On Showtime's card from Harbour Yard Arena in Bridgeport, CT, we were treated to championship fights in the flyweight and super welterweight divisions. One was an ugly disappointment, and the other was a shocking upset.
Nonito Donaire, who has fought at super flyweight most of his young career, laid a tremendous beating on IBF/IBO champion Vic Darchinyan, brutally kayoing the Armenian Raging Bull in the fifth round with a monster left hook, countering one of Darchinyan's trademark video game-style lunging punches. While looking to land a big uppercut, Darchinyan went down suddenly from Donaire's left hand, which he never saw coming.
I had Donaire winning every round up to that point. The 24-year old Filipino scored what could be the upset of the year, did it in style, and avenged his brother Glenn, who was hammered by Darchinyan last year. Glenn's advice may have given Nonito an advantage, but the truth is, Darchinyan's style was totally ineffective last night. Donaire had his number in a big way, and walked through him.
After the fight, Darchinyan was delusional at best and classless at worst. Seemingly unable to turn off his swaggering ego, Darchinyan was given respect and kind words from Donaire, then countered by immediately demanding a rematch. He said he wasn't knocked out, though his glassy eyes, bewildered look, spurting nose and overall stumbling around the ring told a different story. Referee Eddie Claudio wasn't the only one ready to stop the fight. A member of Darchinyan's corner rushed into the ring to tackle his fighter before Claudio even called it off. The fight was over. Darchinyan was pummeled.
Darchinyan came off as the sorest possible loser, in total disbelief. But when he watches the tape, what's he going to see? Donaire's power and speed made Darchinyan look bush-league and outright awkward.
In the main event, Joachim Alcine beat Travis Simms via unanimous decision in a stinker of a fight that was booed even though Simms is a Connecticut native. The champion repeatedly held throughout the fight, and the most action we saw was a controversial knockdown of Simms to accompany the endless clinching, incidental headbutts and foot-stepping. I had Alcine 113-112, and official scores were 114-111, 115-110 and 116-109. I was surprised by the latter two scores, but mostly I just pray we won't see a rematch. The styles do not mesh at all. These guys had a chance to establish themselves as top dogs in the 154-pound division, and they failed to make anything of that opportunity.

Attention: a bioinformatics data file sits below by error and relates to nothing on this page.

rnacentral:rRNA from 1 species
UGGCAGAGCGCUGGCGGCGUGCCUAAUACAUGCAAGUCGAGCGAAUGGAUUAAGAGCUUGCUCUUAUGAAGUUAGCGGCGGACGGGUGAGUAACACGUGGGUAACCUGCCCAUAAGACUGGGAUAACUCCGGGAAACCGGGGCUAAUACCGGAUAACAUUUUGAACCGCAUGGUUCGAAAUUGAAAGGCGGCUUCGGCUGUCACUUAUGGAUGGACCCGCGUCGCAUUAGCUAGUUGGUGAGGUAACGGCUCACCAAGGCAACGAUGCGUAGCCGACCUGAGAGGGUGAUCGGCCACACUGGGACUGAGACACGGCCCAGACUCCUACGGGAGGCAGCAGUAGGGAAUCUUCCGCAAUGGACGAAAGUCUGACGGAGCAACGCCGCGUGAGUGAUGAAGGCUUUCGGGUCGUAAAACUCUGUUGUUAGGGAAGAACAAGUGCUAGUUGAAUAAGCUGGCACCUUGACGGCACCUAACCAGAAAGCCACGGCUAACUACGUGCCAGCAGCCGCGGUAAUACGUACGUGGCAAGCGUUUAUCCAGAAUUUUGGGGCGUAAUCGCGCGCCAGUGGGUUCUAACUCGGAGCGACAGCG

Travis Simms is 36 years old and has spent more of his professional career complaining than fighting. Some compare his plight to that of Bernard Hopkins, but while both had some valid points, Simms just isn't Bernard Hopkins. He's not that level of fighter. He continued after the fight to categorize Alcine as a glorified sparring partner, which begs the question (and it was asked), what does that make Simms? He lost the fight, and admits he was the lesser man. Who is Travis Simms? This loss puts him in a hole, and even more than the loss, his performance seriously dents his marketability. To be quite blunt, Simms is full of his own shit, and buys into his own hype way more than he should.
But the night of July 7, 2007, belonged to Nonito Donaire, owner of a highlight-reel KO and a major upset. Boxing has a long history of relatively unknown fighters flooring the front-runners, and Donaire has put his name on the list for good. Congratulations, Nonito.